Domus De Janas Of The Necropolis Of Sant'Andrea Priu 0 Comments

Domus De Janas Of The Necropolis Of Sant'Andrea Priu

About ten kilometres from Sassari, in the municipality of Bonorva, we find the Necropolis of Sant'Andrea Priu, an archaeological site located on the southern side of the Santa Lucia valley, which is the largest Domus de Janas system on the island.

The Necropolis of Sant'Andrea Priu, 120 km and two hours by car from the Gabbiano Azzurro Hotel & Suites, dates back to the Final Neolithic (3500-2900 BC) in the Ozieri culture, but over the centuries up to the mediaeval era was submitted to a continuous reuse and partial structural modifications of some underground rooms, the hypogea. It is among the candidacy for the UNESCO World Heritage List for 2025, "Art and architecture in the Prehistory of Sardinia. Le Domus de Janas.

Among the Domus de Janas forming the necropolis, three of them, the Chief’s Tomb, the Circular Hut Tomb and the Chamber Tomb, are particularly important for their magnificence and excellent conservation.

The Chief’s Tomb is the most representative one with its 18 rooms and an extension of approximately 250 m². In the Early Christian era it became a church. In the Roman and then Byzantine periods it was a rocky church using the three large rooms with imposing columns. The first, from which you enter the site, served as Narcete (that is, it accepted the non-baptized), the second was for the baptised who could attend the functions, while the third represented the presbytery, reserved for the priests.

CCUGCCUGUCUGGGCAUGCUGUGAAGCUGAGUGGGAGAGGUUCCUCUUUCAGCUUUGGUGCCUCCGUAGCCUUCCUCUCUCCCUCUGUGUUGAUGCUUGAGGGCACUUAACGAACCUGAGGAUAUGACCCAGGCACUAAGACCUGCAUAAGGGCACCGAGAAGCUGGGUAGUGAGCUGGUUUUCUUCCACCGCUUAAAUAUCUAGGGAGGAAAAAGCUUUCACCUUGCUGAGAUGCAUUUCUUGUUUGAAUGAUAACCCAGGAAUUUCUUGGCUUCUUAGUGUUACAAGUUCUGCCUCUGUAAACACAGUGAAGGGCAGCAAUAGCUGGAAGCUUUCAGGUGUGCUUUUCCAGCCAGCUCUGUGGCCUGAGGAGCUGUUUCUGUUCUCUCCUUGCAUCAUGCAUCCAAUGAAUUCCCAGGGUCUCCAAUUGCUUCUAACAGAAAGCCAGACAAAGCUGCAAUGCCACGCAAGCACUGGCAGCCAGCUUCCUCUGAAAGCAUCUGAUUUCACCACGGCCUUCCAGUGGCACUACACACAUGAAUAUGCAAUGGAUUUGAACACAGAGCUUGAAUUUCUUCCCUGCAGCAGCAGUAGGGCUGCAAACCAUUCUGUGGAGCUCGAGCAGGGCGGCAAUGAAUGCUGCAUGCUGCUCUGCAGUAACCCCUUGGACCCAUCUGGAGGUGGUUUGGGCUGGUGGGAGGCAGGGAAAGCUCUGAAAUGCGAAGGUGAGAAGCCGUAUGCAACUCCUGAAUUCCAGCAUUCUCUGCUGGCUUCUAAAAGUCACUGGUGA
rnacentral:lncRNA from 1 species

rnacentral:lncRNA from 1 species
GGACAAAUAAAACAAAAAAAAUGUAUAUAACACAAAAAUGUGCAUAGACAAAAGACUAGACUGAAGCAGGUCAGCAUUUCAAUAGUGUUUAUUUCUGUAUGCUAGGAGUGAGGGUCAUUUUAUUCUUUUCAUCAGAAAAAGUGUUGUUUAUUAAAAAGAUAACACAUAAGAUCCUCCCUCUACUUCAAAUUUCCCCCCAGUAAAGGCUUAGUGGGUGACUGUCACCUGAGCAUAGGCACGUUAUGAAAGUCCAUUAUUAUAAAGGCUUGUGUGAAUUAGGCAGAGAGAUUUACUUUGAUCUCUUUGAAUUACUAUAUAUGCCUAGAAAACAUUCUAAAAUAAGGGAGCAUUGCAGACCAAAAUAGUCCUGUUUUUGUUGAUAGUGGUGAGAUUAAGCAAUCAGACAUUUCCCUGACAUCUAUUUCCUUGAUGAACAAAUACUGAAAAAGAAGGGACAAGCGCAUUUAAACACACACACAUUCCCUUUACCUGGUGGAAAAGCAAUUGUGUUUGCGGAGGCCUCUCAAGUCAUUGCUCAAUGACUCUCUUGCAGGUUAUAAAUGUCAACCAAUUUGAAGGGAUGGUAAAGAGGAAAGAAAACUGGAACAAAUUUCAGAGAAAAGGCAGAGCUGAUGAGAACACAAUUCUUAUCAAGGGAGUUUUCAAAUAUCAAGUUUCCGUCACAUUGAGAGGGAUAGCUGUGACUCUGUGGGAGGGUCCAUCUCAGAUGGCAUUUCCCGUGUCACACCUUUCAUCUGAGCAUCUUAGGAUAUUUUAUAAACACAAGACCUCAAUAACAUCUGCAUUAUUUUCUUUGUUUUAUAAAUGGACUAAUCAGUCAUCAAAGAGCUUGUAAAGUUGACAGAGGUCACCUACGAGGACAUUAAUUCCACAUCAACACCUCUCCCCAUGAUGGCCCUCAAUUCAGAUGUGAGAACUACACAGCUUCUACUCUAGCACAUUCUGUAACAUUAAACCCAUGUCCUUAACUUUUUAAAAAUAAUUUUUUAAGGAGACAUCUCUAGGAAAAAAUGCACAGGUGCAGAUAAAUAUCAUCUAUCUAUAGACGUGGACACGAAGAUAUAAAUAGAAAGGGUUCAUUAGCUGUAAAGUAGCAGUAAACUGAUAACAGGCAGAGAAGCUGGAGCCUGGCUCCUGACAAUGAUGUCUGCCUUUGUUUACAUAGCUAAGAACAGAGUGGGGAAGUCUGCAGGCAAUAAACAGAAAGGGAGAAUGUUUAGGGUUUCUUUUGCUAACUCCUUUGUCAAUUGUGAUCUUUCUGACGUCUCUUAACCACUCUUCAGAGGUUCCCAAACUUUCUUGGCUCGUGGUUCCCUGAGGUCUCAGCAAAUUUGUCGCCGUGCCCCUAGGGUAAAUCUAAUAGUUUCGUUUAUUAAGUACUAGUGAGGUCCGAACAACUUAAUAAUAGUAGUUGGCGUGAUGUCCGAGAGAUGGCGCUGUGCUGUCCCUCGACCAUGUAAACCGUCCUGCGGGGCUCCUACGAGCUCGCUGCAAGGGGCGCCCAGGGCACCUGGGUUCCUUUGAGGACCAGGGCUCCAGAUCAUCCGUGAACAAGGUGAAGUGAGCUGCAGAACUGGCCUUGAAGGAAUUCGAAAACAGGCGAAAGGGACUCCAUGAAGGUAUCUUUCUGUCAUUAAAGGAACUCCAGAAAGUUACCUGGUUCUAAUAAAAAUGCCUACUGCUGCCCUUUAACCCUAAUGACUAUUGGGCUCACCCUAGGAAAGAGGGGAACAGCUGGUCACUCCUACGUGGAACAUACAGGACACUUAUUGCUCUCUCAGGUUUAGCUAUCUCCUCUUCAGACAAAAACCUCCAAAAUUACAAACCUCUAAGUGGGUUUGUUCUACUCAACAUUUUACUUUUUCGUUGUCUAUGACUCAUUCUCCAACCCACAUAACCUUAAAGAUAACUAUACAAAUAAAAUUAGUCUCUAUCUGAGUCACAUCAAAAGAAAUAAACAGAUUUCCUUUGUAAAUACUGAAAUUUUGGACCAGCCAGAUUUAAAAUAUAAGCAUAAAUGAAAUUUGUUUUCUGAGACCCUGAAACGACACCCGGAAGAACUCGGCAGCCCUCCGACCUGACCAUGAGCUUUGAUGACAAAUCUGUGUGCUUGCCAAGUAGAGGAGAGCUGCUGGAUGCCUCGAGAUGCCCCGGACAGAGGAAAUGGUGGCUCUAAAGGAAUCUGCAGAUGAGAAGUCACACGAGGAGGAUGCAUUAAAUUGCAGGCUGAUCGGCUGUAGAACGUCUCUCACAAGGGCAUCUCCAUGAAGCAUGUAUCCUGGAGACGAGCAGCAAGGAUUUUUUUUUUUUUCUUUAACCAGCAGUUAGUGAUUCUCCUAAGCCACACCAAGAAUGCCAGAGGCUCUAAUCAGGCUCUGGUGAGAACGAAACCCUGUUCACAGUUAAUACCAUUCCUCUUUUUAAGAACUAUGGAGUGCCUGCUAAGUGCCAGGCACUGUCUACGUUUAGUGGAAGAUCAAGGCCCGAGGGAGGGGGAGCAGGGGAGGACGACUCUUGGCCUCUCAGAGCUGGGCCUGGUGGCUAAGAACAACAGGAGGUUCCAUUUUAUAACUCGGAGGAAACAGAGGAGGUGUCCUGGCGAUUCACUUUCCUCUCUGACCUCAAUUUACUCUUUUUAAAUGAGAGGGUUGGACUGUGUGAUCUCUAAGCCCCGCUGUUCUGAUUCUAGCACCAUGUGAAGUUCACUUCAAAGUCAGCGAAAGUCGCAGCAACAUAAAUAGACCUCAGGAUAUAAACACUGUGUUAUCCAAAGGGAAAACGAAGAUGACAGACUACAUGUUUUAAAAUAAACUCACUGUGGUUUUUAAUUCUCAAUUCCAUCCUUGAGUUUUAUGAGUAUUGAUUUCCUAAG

It was plastered and frescoed several times at various points. The oldest frescoes are dating back to the 4th - 5th century. A.D. They are frescoes from the Byzantine era, episodes taken from the Gospel of Jesus’ life. In the centre of a wall, Christ on the throne, surrounded by the four evangelists, raises his hand in blessing. The ceiling is entirely decorated with lozenges, converging arrows, bird figures, and cruciform signs. This site was one of the first churches in the time of Christian persecution and built in a pre-existing pagan site. In 1313 it was reconsecrated by the bishop of Sorres as Sant'Andrea’s Church.

The access to the Circular Hut Tomb is approximately 9 metres high because a partial collapse of the rock face destroyed the original entrance. It belongs to the Pre Nuragic Age, around the 4th millennium - 3rd millennium BC. Numerous hollows are dug into the floor of the atrium and the circular chamber, used in rituals to honour the deceased. 

In the Chamber Tomb, the 1969 restorations brought to light mediaeval inscriptions and early Christian frescoes from two different periods, with a female figure, garlands and birds. The ceiling, just beyond the entrance, was pierced, creating a light point, a rectangle measuring 2.50 by 3 m, which passes through a rock thickness of about 5 metres, opening at the ground level. The three masonic pillars at the edges of the skylight suggest the existence that at the time there was a wooden structure that prevented rain and snow from entering the church.

The Necropolis of Sant'Andrea Priu is in the Logudoro region meaning “Golden Place”, an amazing region. It is a territory where you can savour archaeological and artistic wonders in a nature that in its silence tells of cultures and populations, which are myth over millennia and history over the centuries.


Written by Daniela Toti

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